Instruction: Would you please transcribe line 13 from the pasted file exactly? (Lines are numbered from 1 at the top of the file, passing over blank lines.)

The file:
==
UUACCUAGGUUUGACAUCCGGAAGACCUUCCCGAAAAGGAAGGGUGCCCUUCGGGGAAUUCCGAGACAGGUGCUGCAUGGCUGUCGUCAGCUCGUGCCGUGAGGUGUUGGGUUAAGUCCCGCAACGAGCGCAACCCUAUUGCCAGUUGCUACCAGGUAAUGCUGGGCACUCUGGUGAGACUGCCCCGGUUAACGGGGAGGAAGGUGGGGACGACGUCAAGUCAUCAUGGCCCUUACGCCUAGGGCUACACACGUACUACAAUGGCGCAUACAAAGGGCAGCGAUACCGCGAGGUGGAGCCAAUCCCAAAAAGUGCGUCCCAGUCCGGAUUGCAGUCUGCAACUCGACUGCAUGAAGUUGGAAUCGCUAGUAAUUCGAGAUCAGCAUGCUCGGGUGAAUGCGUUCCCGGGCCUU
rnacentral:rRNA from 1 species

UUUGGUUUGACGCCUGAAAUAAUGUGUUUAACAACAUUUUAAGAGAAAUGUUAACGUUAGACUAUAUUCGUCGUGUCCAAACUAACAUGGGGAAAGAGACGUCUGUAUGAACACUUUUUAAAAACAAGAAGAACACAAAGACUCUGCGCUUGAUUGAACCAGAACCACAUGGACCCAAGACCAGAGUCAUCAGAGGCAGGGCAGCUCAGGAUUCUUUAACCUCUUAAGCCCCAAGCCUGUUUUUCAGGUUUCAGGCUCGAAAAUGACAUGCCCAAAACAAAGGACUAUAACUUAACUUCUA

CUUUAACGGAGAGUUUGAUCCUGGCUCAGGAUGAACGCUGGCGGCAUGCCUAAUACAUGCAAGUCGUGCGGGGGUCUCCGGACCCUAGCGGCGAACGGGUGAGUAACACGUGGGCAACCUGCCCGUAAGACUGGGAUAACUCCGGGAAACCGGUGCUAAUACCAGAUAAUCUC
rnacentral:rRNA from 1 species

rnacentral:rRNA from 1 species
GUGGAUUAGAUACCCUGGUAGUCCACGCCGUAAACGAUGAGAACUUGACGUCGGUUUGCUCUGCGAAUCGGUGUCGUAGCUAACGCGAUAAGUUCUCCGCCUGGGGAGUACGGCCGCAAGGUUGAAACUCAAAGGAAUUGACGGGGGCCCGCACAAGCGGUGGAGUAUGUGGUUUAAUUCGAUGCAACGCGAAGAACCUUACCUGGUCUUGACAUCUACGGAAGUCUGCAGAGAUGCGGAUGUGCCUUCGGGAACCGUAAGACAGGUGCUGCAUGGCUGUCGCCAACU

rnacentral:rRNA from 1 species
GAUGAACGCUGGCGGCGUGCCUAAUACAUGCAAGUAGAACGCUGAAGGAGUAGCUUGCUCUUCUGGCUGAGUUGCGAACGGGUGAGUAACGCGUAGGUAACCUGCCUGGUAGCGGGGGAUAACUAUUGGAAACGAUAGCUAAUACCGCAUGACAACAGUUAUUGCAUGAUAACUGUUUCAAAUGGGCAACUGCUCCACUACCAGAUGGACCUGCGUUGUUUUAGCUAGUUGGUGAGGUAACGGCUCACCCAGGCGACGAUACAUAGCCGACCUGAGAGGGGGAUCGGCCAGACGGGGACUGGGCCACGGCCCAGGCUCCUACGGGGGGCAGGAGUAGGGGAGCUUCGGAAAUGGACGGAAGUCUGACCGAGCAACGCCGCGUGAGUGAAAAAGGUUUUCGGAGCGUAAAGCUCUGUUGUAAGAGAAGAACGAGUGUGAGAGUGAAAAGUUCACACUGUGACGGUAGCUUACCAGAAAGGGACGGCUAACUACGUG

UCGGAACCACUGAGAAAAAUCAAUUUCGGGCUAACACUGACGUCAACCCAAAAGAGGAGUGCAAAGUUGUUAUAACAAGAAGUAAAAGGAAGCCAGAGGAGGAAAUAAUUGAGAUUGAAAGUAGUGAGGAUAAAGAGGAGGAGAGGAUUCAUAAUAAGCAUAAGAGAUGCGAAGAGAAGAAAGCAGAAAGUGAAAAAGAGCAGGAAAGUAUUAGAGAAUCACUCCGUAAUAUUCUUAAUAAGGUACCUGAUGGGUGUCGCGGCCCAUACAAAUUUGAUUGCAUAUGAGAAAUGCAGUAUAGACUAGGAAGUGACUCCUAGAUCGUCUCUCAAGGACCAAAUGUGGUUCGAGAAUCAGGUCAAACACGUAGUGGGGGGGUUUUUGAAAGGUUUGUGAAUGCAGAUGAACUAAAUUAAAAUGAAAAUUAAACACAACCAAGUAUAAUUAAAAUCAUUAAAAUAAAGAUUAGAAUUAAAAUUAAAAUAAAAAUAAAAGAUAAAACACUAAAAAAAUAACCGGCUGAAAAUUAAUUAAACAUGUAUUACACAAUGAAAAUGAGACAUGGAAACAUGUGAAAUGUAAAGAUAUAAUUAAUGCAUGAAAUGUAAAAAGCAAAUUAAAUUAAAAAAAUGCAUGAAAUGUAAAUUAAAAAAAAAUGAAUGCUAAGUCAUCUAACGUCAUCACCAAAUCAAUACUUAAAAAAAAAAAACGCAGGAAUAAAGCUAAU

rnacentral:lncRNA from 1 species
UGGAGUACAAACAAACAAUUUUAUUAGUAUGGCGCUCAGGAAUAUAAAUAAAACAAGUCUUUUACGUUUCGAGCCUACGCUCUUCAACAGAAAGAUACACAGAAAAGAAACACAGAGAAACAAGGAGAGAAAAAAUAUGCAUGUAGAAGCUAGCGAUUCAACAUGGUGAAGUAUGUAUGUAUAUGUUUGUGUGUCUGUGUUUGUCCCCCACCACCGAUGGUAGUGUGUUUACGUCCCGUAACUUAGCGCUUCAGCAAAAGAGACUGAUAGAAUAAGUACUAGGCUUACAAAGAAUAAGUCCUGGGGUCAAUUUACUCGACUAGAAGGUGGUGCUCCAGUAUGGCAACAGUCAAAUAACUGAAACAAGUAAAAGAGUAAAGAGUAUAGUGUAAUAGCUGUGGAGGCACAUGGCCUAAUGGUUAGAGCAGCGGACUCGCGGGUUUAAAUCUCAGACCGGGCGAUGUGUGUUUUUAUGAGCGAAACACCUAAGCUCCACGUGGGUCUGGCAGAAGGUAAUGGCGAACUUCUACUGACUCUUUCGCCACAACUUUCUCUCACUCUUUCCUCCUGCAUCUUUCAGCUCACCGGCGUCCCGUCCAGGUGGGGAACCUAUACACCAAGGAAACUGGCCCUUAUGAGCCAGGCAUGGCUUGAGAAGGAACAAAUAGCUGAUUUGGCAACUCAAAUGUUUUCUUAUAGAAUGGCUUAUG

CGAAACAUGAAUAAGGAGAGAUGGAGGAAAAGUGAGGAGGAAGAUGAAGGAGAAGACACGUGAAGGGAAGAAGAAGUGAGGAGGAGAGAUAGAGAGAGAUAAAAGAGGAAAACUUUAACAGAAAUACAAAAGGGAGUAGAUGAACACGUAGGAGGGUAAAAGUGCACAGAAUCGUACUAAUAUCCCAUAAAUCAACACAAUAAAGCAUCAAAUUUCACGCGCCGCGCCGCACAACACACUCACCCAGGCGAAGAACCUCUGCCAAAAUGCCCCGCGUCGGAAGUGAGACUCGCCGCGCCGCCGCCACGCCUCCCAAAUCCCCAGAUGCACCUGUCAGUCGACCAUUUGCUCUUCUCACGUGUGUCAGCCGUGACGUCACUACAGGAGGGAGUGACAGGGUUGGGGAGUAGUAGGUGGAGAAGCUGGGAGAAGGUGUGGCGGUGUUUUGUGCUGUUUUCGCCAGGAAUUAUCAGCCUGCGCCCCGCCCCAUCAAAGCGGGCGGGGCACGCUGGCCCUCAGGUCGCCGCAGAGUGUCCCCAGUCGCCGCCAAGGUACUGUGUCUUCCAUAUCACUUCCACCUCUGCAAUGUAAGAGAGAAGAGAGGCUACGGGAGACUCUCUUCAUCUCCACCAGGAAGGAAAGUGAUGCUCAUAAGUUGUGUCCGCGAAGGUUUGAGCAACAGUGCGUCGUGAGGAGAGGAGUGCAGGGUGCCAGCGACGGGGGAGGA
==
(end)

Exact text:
CGAAACAUGAAUAAGGAGAGAUGGAGGAAAAGUGAGGAGGAAGAUGAAGGAGAAGACACGUGAAGGGAAGAAGAAGUGAGGAGGAGAGAUAGAGAGAGAUAAAAGAGGAAAACUUUAACAGAAAUACAAAAGGGAGUAGAUGAACACGUAGGAGGGUAAAAGUGCACAGAAUCGUACUAAUAUCCCAUAAAUCAACACAAUAAAGCAUCAAAUUUCACGCGCCGCGCCGCACAACACACUCACCCAGGCGAAGAACCUCUGCCAAAAUGCCCCGCGUCGGAAGUGAGACUCGCCGCGCCGCCGCCACGCCUCCCAAAUCCCCAGAUGCACCUGUCAGUCGACCAUUUGCUCUUCUCACGUGUGUCAGCCGUGACGUCACUACAGGAGGGAGUGACAGGGUUGGGGAGUAGUAGGUGGAGAAGCUGGGAGAAGGUGUGGCGGUGUUUUGUGCUGUUUUCGCCAGGAAUUAUCAGCCUGCGCCCCGCCCCAUCAAAGCGGGCGGGGCACGCUGGCCCUCAGGUCGCCGCAGAGUGUCCCCAGUCGCCGCCAAGGUACUGUGUCUUCCAUAUCACUUCCACCUCUGCAAUGUAAGAGAGAAGAGAGGCUACGGGAGACUCUCUUCAUCUCCACCAGGAAGGAAAGUGAUGCUCAUAAGUUGUGUCCGCGAAGGUUUGAGCAACAGUGCGUCGUGAGGAGAGGAGUGCAGGGUGCCAGCGACGGGGGAGGA